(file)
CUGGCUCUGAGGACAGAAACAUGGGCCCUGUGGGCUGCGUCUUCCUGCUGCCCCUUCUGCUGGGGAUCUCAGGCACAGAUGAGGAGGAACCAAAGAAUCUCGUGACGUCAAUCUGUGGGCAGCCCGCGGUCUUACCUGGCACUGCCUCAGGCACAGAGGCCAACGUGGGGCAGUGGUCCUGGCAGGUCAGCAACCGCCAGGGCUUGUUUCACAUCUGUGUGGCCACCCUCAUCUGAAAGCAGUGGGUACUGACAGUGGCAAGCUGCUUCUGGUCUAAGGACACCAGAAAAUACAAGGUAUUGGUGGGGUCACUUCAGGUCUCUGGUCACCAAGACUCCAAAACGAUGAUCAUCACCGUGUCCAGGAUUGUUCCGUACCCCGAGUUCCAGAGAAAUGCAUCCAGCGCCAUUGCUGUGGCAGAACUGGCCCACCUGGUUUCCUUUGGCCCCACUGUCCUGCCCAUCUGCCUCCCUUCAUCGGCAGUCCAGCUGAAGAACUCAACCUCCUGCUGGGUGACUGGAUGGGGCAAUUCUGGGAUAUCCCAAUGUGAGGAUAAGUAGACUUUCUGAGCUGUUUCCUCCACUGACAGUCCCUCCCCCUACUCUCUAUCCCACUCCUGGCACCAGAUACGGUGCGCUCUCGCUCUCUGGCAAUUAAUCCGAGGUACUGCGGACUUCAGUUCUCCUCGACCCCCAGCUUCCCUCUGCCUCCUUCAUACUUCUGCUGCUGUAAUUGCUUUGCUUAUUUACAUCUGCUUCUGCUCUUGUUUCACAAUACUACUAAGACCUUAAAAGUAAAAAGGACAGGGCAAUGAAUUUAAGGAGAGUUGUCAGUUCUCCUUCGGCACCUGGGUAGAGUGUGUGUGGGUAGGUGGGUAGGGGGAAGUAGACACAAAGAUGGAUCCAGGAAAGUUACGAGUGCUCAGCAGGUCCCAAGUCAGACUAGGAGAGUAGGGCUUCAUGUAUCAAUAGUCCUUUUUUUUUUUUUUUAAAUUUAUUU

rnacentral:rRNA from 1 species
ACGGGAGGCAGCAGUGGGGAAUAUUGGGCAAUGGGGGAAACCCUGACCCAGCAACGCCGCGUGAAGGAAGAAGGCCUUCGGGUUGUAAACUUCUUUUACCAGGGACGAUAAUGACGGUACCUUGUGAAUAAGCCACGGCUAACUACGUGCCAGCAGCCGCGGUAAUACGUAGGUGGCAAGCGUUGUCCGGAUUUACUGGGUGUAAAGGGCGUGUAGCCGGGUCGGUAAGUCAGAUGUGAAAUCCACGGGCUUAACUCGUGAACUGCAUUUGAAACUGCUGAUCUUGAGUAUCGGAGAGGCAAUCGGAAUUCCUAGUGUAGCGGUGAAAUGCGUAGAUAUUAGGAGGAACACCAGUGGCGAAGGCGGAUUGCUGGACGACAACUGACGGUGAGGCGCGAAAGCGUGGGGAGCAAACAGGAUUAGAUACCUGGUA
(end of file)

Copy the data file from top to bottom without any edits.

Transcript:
CUGGCUCUGAGGACAGAAACAUGGGCCCUGUGGGCUGCGUCUUCCUGCUGCCCCUUCUGCUGGGGAUCUCAGGCACAGAUGAGGAGGAACCAAAGAAUCUCGUGACGUCAAUCUGUGGGCAGCCCGCGGUCUUACCUGGCACUGCCUCAGGCACAGAGGCCAACGUGGGGCAGUGGUCCUGGCAGGUCAGCAACCGCCAGGGCUUGUUUCACAUCUGUGUGGCCACCCUCAUCUGAAAGCAGUGGGUACUGACAGUGGCAAGCUGCUUCUGGUCUAAGGACACCAGAAAAUACAAGGUAUUGGUGGGGUCACUUCAGGUCUCUGGUCACCAAGACUCCAAAACGAUGAUCAUCACCGUGUCCAGGAUUGUUCCGUACCCCGAGUUCCAGAGAAAUGCAUCCAGCGCCAUUGCUGUGGCAGAACUGGCCCACCUGGUUUCCUUUGGCCCCACUGUCCUGCCCAUCUGCCUCCCUUCAUCGGCAGUCCAGCUGAAGAACUCAACCUCCUGCUGGGUGACUGGAUGGGGCAAUUCUGGGAUAUCCCAAUGUGAGGAUAAGUAGACUUUCUGAGCUGUUUCCUCCACUGACAGUCCCUCCCCCUACUCUCUAUCCCACUCCUGGCACCAGAUACGGUGCGCUCUCGCUCUCUGGCAAUUAAUCCGAGGUACUGCGGACUUCAGUUCUCCUCGACCCCCAGCUUCCCUCUGCCUCCUUCAUACUUCUGCUGCUGUAAUUGCUUUGCUUAUUUACAUCUGCUUCUGCUCUUGUUUCACAAUACUACUAAGACCUUAAAAGUAAAAAGGACAGGGCAAUGAAUUUAAGGAGAGUUGUCAGUUCUCCUUCGGCACCUGGGUAGAGUGUGUGUGGGUAGGUGGGUAGGGGGAAGUAGACACAAAGAUGGAUCCAGGAAAGUUACGAGUGCUCAGCAGGUCCCAAGUCAGACUAGGAGAGUAGGGCUUCAUGUAUCAAUAGUCCUUUUUUUUUUUUUUUAAAUUUAUUU

rnacentral:rRNA from 1 species
ACGGGAGGCAGCAGUGGGGAAUAUUGGGCAAUGGGGGAAACCCUGACCCAGCAACGCCGCGUGAAGGAAGAAGGCCUUCGGGUUGUAAACUUCUUUUACCAGGGACGAUAAUGACGGUACCUUGUGAAUAAGCCACGGCUAACUACGUGCCAGCAGCCGCGGUAAUACGUAGGUGGCAAGCGUUGUCCGGAUUUACUGGGUGUAAAGGGCGUGUAGCCGGGUCGGUAAGUCAGAUGUGAAAUCCACGGGCUUAACUCGUGAACUGCAUUUGAAACUGCUGAUCUUGAGUAUCGGAGAGGCAAUCGGAAUUCCUAGUGUAGCGGUGAAAUGCGUAGAUAUUAGGAGGAACACCAGUGGCGAAGGCGGAUUGCUGGACGACAACUGACGGUGAGGCGCGAAAGCGUGGGGAGCAAACAGGAUUAGAUACCUGGUA